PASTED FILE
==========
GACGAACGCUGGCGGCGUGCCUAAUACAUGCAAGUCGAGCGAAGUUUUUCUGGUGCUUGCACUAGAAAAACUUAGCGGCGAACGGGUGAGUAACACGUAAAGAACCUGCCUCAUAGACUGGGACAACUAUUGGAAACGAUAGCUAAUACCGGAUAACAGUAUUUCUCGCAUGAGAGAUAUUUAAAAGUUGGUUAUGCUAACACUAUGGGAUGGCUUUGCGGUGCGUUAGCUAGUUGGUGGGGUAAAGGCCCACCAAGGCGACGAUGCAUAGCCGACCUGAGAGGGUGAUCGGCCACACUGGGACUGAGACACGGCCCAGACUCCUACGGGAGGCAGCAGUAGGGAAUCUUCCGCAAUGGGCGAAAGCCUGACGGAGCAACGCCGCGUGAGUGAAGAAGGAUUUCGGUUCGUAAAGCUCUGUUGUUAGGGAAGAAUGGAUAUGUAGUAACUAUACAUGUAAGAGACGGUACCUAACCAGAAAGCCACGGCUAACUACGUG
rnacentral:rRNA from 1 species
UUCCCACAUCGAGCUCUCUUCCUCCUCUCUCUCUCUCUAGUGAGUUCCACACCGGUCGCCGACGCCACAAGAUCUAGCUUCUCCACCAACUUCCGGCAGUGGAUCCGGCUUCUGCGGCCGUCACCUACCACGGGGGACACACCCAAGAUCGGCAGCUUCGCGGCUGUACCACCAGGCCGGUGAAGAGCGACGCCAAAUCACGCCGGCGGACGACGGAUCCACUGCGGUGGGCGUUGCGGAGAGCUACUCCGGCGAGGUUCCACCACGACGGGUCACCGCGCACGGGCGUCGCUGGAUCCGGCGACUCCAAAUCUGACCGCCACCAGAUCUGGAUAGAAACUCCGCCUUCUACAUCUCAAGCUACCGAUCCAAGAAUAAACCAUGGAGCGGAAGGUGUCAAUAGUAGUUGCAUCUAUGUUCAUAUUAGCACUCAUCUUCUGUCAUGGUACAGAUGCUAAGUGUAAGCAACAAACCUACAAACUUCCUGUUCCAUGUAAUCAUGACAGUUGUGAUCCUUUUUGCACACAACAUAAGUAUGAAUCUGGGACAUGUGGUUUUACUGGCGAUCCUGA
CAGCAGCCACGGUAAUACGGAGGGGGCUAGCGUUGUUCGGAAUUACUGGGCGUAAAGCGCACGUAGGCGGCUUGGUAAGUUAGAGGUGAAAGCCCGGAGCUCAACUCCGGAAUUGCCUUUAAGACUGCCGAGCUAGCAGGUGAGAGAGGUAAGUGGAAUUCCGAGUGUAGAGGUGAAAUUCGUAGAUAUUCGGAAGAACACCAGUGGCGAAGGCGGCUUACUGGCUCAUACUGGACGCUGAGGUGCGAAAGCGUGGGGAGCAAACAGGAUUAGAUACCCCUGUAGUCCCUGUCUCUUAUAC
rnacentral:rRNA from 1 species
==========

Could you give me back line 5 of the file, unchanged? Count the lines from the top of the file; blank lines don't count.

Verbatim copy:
rnacentral:rRNA from 1 species